Hartford resident claims benzene exposure caused cancer

By Steve Gonzalez | Jan 3, 2007

Courtney and Jim Vostry filed a benzene lawsuit Jan. 2 in Madison County Circuit Court -- the first civil lawsuit seeking damages in excess of $50,000 this year.

Courtney and Jim Vostry filed a benzene lawsuit Jan. 2 in Madison County Circuit Court -- the first civil lawsuit seeking damages in excess of $50,000 this year.

According to the complaint, Courtney Vostry was exposed to and inhaled, ingested or otherwise absorbed benzene and other hazardous products which were manufactured, sold or distributed by 28 defendants. Some of the defendants include Apex Oil, BP, Conoco-Phillips, Marathon Ashland, Ozark Pipeline, Shell Oil and Sinclair Oil.

Benzene cases have rarely, if ever, gone to trial in Madison County. They are mostly either settled or dismissed.

The Vostrys are seeking a judgment against the defendants jointly and severally for actual compensatory damages as are fair and reasonable, in excess of $850,000 and in addition to the compensatory damages, punitive and exemplary damages excess of $150,000 plus all costs of the suit.

They are represented by Randy Gori of Goldenberg, Heller, Antognoli, Rowland, Short and Gori of Edwardsville. The case has been assigned to Circuit Judge Daniel J. Stack.

Courtney Vostry claims she was a resident of Hartford between 1967 and 1983. She also claims she visited the area through 2002.

According to the complaint, Vostry suffers from a chemically-induced disease, has become liable for large sums of money in medical expenses, suffers great physical pain and mental anguish, and fears that she will contract additional diseases as a result of her exposure.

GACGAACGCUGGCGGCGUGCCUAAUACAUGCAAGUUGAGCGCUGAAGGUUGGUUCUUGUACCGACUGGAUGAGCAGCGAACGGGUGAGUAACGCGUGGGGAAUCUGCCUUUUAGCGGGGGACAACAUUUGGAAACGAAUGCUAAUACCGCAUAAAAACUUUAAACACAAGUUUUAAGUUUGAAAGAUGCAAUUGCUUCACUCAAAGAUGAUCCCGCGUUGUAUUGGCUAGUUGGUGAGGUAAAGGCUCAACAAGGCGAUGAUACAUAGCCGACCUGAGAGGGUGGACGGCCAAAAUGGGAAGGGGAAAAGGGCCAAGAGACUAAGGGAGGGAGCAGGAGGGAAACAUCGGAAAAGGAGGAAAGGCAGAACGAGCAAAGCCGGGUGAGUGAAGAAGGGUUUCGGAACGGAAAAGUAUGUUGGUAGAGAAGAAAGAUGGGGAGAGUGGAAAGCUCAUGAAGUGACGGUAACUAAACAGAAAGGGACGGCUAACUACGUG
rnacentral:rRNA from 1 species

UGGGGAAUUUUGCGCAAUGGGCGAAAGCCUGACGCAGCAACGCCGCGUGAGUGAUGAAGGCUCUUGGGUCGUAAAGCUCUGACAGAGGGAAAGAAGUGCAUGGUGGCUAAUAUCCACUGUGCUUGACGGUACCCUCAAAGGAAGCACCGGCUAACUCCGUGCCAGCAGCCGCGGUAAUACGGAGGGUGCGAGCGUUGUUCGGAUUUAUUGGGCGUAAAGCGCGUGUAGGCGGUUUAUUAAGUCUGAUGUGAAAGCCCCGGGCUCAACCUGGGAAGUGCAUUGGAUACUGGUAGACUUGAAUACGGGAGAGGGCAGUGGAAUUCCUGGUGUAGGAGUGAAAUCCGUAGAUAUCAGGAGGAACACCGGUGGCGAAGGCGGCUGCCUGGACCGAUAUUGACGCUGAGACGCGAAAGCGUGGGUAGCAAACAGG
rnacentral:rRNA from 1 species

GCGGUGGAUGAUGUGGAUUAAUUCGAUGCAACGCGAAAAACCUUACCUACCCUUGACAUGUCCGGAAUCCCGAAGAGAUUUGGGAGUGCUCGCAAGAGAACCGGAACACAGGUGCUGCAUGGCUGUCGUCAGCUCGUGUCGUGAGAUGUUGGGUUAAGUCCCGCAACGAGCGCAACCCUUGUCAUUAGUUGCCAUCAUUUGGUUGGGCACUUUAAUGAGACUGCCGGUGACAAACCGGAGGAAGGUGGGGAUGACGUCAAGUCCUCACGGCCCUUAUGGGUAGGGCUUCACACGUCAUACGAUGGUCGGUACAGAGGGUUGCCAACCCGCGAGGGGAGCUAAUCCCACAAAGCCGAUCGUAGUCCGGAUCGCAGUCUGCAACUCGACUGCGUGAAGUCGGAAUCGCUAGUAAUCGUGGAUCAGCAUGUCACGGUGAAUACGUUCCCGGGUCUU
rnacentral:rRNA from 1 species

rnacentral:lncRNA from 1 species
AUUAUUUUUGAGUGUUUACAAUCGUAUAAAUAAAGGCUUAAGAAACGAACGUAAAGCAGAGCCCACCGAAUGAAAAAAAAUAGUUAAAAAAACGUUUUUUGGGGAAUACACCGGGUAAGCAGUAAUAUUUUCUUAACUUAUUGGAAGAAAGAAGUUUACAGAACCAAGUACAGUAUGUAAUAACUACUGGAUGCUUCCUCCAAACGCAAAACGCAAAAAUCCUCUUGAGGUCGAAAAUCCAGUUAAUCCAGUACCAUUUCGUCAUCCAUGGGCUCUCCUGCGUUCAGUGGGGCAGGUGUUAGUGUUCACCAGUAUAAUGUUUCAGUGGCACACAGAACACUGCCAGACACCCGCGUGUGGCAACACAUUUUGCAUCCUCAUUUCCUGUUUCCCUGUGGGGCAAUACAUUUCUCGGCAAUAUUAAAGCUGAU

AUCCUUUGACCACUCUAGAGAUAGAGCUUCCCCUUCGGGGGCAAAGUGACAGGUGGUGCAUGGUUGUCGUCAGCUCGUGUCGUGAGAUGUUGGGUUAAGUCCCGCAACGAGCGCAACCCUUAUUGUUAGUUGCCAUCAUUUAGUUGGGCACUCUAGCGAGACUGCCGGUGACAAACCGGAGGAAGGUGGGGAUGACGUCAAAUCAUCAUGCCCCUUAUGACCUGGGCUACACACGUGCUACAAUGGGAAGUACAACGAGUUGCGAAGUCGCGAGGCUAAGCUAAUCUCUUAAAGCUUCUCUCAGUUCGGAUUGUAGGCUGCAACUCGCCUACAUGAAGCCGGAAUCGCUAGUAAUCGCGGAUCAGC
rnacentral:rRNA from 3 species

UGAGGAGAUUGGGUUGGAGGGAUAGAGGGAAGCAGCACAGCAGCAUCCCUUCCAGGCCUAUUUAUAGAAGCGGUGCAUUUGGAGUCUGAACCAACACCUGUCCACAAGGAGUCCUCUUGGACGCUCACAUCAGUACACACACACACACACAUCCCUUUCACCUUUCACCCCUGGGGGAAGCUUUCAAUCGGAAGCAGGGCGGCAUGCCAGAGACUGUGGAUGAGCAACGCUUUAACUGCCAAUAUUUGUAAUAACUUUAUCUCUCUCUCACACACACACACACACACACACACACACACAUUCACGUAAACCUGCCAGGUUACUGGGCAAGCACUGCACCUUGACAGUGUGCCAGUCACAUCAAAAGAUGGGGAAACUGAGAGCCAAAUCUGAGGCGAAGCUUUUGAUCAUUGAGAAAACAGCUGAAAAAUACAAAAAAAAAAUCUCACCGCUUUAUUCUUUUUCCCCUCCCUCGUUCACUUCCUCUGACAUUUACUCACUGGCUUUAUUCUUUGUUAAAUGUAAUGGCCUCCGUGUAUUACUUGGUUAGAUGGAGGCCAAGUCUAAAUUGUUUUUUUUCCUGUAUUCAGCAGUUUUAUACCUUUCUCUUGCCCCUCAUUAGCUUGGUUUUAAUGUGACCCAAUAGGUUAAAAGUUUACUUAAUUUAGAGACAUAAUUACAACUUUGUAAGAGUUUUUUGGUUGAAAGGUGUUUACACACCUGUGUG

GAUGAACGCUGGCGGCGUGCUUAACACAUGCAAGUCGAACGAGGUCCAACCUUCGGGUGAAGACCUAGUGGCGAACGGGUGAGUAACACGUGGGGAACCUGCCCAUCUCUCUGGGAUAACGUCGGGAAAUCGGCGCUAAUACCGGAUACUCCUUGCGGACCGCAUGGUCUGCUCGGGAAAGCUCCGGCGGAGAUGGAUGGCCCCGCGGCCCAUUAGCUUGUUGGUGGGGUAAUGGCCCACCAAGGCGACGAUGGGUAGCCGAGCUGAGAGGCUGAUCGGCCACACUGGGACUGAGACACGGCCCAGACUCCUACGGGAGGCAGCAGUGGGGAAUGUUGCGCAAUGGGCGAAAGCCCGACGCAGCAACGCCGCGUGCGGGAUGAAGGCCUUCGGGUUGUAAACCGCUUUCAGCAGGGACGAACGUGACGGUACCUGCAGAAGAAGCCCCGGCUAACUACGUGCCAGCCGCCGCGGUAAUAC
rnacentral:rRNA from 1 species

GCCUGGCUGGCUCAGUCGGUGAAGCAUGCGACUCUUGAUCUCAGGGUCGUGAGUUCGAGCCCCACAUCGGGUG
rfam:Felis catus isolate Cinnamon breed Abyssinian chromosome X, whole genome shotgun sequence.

She was diagnosed with myeloma in January 2005 and claims she became aware that the disease was wrongfully caused in April 2005.

Courtney Vostry's husband, Jim Vostry, also is seeking damages claiming he has been deprived of the services, society, companionship, love and affection of his wife. He also claims he was dependent on her for the necessities of life and other concomitants of married life.

Courtney Vostry claims her exposure to benzene was completely foreseeable and could or should have been anticipated by the defendants.

"The defendants knew or should have known benzene has a toxic, poisonous and highly deleterious effect upon the health of the persons inhaling, ingesting or otherwise absorbing them," the complaint states.

According to the Occupational Safety and Health Administration (OSHA), benzene is an aromatic hydrocarbon that is produced by burning natural products. It is a component of products derived from coal and petroleum and is found in gasoline and other fuels.

Benzene, which is known to be a carcinogen, is used in the manufacture of plastics, detergents, pesticides and other chemicals.

With exposures from less than five years to more than 30 years, individuals have developed, and died from, leukemia. Long-term exposure may affect bone marrow and blood production. Short-term exposure to high levels of benzene can cause drowsiness, dizziness, unconsciousness and death.

Vostry claims the defendants failed to exercise ordinary care and caution for her safety, health and welfare by:

  • Including benzene in their products and processes, even though it was completely foreseeable that people living around them would inhale or ingest benzene;

  • Including benzene when adequate substitutes were available;

  • Failing to allocate any or adequate funds to test, monitor, and research the human health affects of benzene-containing products or processes on residents living in proximity of where benzene was being used;

  • Failing to provide any or adequate warnings to people living around the area;

  • Failing to recommend the use of adequate personal protective equipment inhaling or living around benzene; and

  • Failing to recall or cease using benzene and products and processes containing benzene.

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